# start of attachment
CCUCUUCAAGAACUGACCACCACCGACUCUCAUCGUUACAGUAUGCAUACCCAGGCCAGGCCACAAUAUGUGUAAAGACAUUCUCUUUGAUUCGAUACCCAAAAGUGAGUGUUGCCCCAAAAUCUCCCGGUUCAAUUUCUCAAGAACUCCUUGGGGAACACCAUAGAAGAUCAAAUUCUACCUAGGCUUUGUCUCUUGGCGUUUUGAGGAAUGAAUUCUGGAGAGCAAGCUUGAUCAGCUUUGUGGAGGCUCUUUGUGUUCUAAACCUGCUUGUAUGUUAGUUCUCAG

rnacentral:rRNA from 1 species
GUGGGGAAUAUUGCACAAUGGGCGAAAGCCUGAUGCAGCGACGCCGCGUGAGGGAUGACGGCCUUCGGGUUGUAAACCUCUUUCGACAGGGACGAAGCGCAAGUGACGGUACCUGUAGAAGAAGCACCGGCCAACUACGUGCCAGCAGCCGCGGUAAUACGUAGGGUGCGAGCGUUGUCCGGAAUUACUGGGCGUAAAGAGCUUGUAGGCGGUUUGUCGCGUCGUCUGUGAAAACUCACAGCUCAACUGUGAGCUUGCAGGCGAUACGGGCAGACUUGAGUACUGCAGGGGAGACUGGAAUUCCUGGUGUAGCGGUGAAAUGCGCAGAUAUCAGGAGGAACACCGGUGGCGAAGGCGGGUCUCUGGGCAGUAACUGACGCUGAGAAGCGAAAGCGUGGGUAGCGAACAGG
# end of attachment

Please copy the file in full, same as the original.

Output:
CCUCUUCAAGAACUGACCACCACCGACUCUCAUCGUUACAGUAUGCAUACCCAGGCCAGGCCACAAUAUGUGUAAAGACAUUCUCUUUGAUUCGAUACCCAAAAGUGAGUGUUGCCCCAAAAUCUCCCGGUUCAAUUUCUCAAGAACUCCUUGGGGAACACCAUAGAAGAUCAAAUUCUACCUAGGCUUUGUCUCUUGGCGUUUUGAGGAAUGAAUUCUGGAGAGCAAGCUUGAUCAGCUUUGUGGAGGCUCUUUGUGUUCUAAACCUGCUUGUAUGUUAGUUCUCAG

rnacentral:rRNA from 1 species
GUGGGGAAUAUUGCACAAUGGGCGAAAGCCUGAUGCAGCGACGCCGCGUGAGGGAUGACGGCCUUCGGGUUGUAAACCUCUUUCGACAGGGACGAAGCGCAAGUGACGGUACCUGUAGAAGAAGCACCGGCCAACUACGUGCCAGCAGCCGCGGUAAUACGUAGGGUGCGAGCGUUGUCCGGAAUUACUGGGCGUAAAGAGCUUGUAGGCGGUUUGUCGCGUCGUCUGUGAAAACUCACAGCUCAACUGUGAGCUUGCAGGCGAUACGGGCAGACUUGAGUACUGCAGGGGAGACUGGAAUUCCUGGUGUAGCGGUGAAAUGCGCAGAUAUCAGGAGGAACACCGGUGGCGAAGGCGGGUCUCUGGGCAGUAACUGACGCUGAGAAGCGAAAGCGUGGGUAGCGAACAGG